Officer Torres pointed his gun at Mr. Siler and ordered him to get on the ground. Def.'s Facts ¶ 72. Mr. Siler didn't comply, yelling, “fuck you, ” “no, ” and “shoot me.” Id. He also began looking to the ground and then up at Officer Torres. Def.'s Facts ¶ 73. Officer Torres could not see Mr. Siler's hands. Def.'s Facts ¶ 74. Mr. Siler then bent over and, when he stood up, Officer Torres could see a black, cylindrical object pressed against Mr. Siler's forearm. Def.'s Facts ¶ 75. Officer Torres believed at the time that the object was a steel pipe; he later learned it was the handle of a floor jack, to which it was attached. See Def.'s Facts ¶¶ 76, 80-82; see also Exhibit D to Torres Decl., ECF No. 48-4 (photograph depicting floor jack in foreground); Exhibit A to Declaration of Emanuel Kapelsohn, ECF No. 67-1 (photograph depicting the handle).[4] Officer Torres still could not see Mr. Siler's hands. Def.'s Facts ¶ 75. He ordered Mr. Siler to “drop it” and “get on the ground.” Def.'s Facts ¶ 77. Mr. Siler continued to shout, “fuck you, ” “no, ” and “shoot me.” Def.'s Facts ¶¶ 78-79.

         Mr. Siler bent down again as if he was grabbing something. Def.'s Facts ¶¶ 87, 90. But Officer Torres still could not see Mr. Siler's hands. Def.'s Facts ¶ 88.[5]Mr. Siler looked straight at Officer Torres. Def.'s Facts ¶ 91. Mr. Siler then took a step to his right, toward the front-passenger corner of the SUV (and away from the open garage door) but not past its front bumper. See Def.'s Facts ¶¶ 92-93, 100. Officer Torres shot at Mr. Siler. See Def.'s Facts ¶¶ 111-17. The entire sequence inside the garage lasted less than thirty seconds. Def.'s Facts ¶ 59.

         Officer Torres was later told that he fired his gun seven times-successively without pause or delay between shots-hitting Mr. Siler with six bullets: three in the right shoulder and three in the chest. Def.'s Facts ¶¶ 112-14.[6] The medical examiner indicated that the shots to the shoulder were consistent with Mr. Siler being upright, Pls.' Facts ¶ 35, but the shots to the chest had a downward trajectory, see Pls.' Facts ¶ 36; Def.'s Facts ¶ 113. There was approximately ten to twelve feet between Officer Torres and Mr. Siler at the time of the shooting. Def.'s Facts ¶ 97; see Exhibit E to Torres Decl., ECF No. 48-5 (photograph depicting front-driver side of SUV). Mr. Siler died from the gunshot wounds. Def.'s Facts ¶ 117.

         II. Procedural Background

         On September 28, 2017, Mr. Siler's minor daughter and estate filed this action under 42 U.S.C. § 1983 against the City of Kenosha and Officer Torres. See Federal Complaint, ECF No. 1. The matter was randomly assigned to this Court, and all parties consented to magistrate judge jurisdiction. See Consent to Proceed Before a Magistrate Judge, ECF Nos. 7, 8 (citing 28 U.S.C. § 636(c) and Fed.R.Civ.P. 73(b)). The plaintiffs claim that Officer Torres used excessive force against Mr. Siler and deprived Mr. Siler's daughter of the love, comfort, society, and companionship of her father. Compl. ¶¶ 431-37. The plaintiffs also claim that the excessive force occurred as a direct result of the City's unconstitutional policies. Compl. ¶¶ 442-59. However, the claims against the City have been bifurcated for discovery and trial. See Minute Sheet for Telephonic Motion Hearing, ECF No. 27.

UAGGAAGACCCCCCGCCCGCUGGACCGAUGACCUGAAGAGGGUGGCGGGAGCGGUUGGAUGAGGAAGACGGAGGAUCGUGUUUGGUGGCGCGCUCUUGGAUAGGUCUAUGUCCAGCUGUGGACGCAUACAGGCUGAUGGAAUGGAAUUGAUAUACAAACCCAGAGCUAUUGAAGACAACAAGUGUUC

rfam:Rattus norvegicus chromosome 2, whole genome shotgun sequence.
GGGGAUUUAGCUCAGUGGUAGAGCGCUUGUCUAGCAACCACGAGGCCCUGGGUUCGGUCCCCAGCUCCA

On November 20, 2018, Officer Torres filed a motion for summary judgment on the plaintiffs' excessive-force claim. See Defendant Paul Torres' Summary Judgment Motion, ECF No. 45. That Motion is now fully briefed and ready for disposition. See Defendant Paul Torres' Brief in Support, ECF No. 47; Plaintiffs' Memorandum of Law in Opposition to Summary Judgment Motion, ECF No. 53; Defendant Paul Torres' Reply Brief, ECF No. 63.

         III. Summary Judgment Standard

         “The court shall grant summary judgment if the movant shows that there is no genuine dispute as to any material fact and the movant is entitled to judgment as a matter of law.” Fed.R.Civ.P. 56(a). “Material facts” are those that, under the applicable substantive law, “might affect the outcome of the suit.” See Anderson v. Liberty Lobby, Inc., 477 U.S. 242, 248 (1986). A dispute over a material fact is “genuine” “if the evidence is such that a reasonable jury could return a verdict for the nonmoving party.” Id.

         A moving party “is ‘entitled to a judgment as a matter of law'” when “the nonmoving party has failed to make a sufficient showing on an essential element of [its] case with respect to which [it] has the burden of proof.” Celotex Corp. v. Catrett, 477 U.S. 317, 323 (1986). Still,

a party seeking summary judgment always bears the initial responsibility of informing the district court of the basis for its motion, and identifying those portions of the pleadings, depositions, answers to interrogatories, and admissions on file, together with the affidavits, if any, which it believes demonstrate the absence of a genuine issue of material fact.

Id. (internal quotation marks omitted).

         To determine whether a genuine issue of material fact exists, the court must review the record, construing all facts in the light most favorable to the nonmoving party and drawing all reasonable inferences in that party's favor. See Heft v. Moore, 351 F.3d 278, 282 (7th Cir. 2003) (citing Liberty Lobby, 477 U.S. at 255). “However, [the court's] favor toward the nonmoving party does not extend to drawing inferences that are supported by only speculation or conjecture.” Fitzgerald v. Santoro, 707 F.3d 725, 730 (7th Cir. 2013) (quoting Harper v. C.R. Eng., Inc., 687 F.3d 297, 306 (7th Cir. 2012)). That is, “to survive summary judgment, the non-moving party must establish some genuine issue for trial ‘such that a reasonable jury could return a verdict' in her favor.” Fitzgerald, 707 F.3d at 730 (quoting Makowski v. SmithAmundsen LLC, 662 F.3d 818, 822 (7th Cir. 2011)).

         IV. ...